- This can lead to feelings of fear, anxiety, loneliness, embarrassment, guilt and shame.
- Worrying about your parent and what is happening at home, or being woken up in the night by arguments, can make it hard to concentrate in the day.
- Children of alcoholics can be more likely to suffer from low self-esteem, depression and thoughts of suicide, and sometimes use drink, drugs and addictive behaviours, such as eating disorders and self-harm, in order to cope
- Despite this, many grow up to lead happy and healthy lives. Just being aware of the problem and having support for you can make a huge difference.
- When drinking is hidden, it can be hard for anyone else to notice there is anything wrong. If people do notice, they often don’t know what to say or do.
- When no one speaks about the problem or offers help, it can feel like you are the only going through this. You are not alone and you can talk to Nacoa who understand what it can be like when a parent drinks too much.
See how a young boy called Toby is affected by his dad’s alcoholism in a short BBC film called “Toby’s Dad”. Watch Toby’s Dad on the BBC website.
Newsround have also made a special programme called “Living with Alcohol” which shows how children can be affected by their parents’ drinking. Watch Living with Alcohol on the Newsround website.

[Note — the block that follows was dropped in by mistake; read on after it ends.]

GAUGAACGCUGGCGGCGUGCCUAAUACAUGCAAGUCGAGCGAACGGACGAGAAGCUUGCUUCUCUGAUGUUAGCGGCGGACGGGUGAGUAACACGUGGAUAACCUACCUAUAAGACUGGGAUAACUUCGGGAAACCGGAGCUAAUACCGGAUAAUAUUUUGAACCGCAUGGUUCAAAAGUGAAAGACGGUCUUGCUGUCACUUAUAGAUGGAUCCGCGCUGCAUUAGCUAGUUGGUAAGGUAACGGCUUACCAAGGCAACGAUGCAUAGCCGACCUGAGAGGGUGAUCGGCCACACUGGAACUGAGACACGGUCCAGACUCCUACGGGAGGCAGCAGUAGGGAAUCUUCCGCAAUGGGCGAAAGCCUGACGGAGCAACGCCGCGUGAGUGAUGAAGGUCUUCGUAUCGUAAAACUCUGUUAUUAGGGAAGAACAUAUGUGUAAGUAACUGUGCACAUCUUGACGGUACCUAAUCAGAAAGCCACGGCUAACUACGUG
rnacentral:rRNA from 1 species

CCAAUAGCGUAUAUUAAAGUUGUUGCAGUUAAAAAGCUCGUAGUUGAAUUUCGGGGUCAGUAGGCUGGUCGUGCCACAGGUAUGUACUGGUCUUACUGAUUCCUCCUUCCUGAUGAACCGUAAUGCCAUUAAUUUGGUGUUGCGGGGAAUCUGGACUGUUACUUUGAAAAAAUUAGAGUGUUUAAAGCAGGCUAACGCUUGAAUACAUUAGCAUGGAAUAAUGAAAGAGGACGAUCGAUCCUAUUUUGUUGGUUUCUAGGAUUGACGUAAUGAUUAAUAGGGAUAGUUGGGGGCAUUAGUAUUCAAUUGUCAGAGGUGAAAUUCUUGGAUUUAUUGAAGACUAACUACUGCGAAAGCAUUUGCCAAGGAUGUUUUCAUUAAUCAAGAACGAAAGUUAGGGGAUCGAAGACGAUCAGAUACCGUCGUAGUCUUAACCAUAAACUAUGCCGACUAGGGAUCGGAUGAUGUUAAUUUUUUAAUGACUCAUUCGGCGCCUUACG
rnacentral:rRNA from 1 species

The devastating effects of alcoholism are also shown in this powerful music video for the single ‘Through the Eyes’ by Redzz. The song is based on a true story about Del, an alcoholic. It portrays the downward spiral in Del’s life due to alcoholism and the knock-on effects on his family.
For more detailed information about how families adapt to alcoholism, please read our Alcohol – the Family Illness information sheet.
You are not alone
Remember Nacoa is here for you. If you want to talk about anything on this page or in these videos, please call or email Nacoa.
- However you are feeling, or whatever questions are on your mind, we will always try to help.
- When a parent has a drink problem, it isn’t easy, but you don’t have to cope on your own.
- See Help & advice for ideas on ways to feel better.
- You may also find it helpful to read Experiences of other young people affected by their parent’s drinking.